How do I find out the exact size of a graphic or image after it has a clipping mask applied in Illustrator? When you just select the image or do Ctrl+A it shows the entire image size(including the masked unwanted portion) in the transform palette and I just need the final dimensions of the image. Can anyone suggest how I can find out what the masked image size is?


You can go to layers, open a masked group and alt-click on the layer with mask contour. It will select the mask and show the size. I think it should work in cs4 too.


If you are using an older version of Illustrator, you'll need to not simply "Select All", or select all, then de-select the masked content and use the Direct Selection Tool (White arrow) - or Layers Panel - to select only the clipping mask shape rather than the entire clipped group.

The inclusion of non-visible clipped content was an annoyance many users complained about, which is why more recent versions of Illustrator no longer show content which is not visible.

  • Thanks Scott, I can understand using the Direct Selection Tool to find size of the masked content. But I get graphics, advertisements in vector and there will be multiple of empty boxes or color outlines in addition to the masked content and it will have more number of paths too.. If I am able to find out only the final masked size that will be great. – Logesh Nov 5 '13 at 19:26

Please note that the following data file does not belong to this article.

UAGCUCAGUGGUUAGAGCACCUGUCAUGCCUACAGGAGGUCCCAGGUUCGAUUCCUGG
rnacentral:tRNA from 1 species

• There's no way, in previous versions, to simply disable the display of non-visible clipped content. You can draw a rectangle around the area you wish to measure and measure the rectangle. That's about your best bet. – Scott Nov 6 '13 at 3:45

Logesh, Double click on the masked image it goes into the mask then you can select the image it will show the original size. Or you select the masked image and right click-->Release clipping mask then you can show the original size.

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  • This doesn't answer the question. In addition, realize the user is using Illustrator CS4. – Scott Mar 2 '15 at 9:06
  • I hope that second option can apply in CS4. – Senthilkumar Mar 2 '15 at 9:48

TLDR Answer: Use an artboard and put it around that clipping mask, whatever measurement your artboard is will be your end result.

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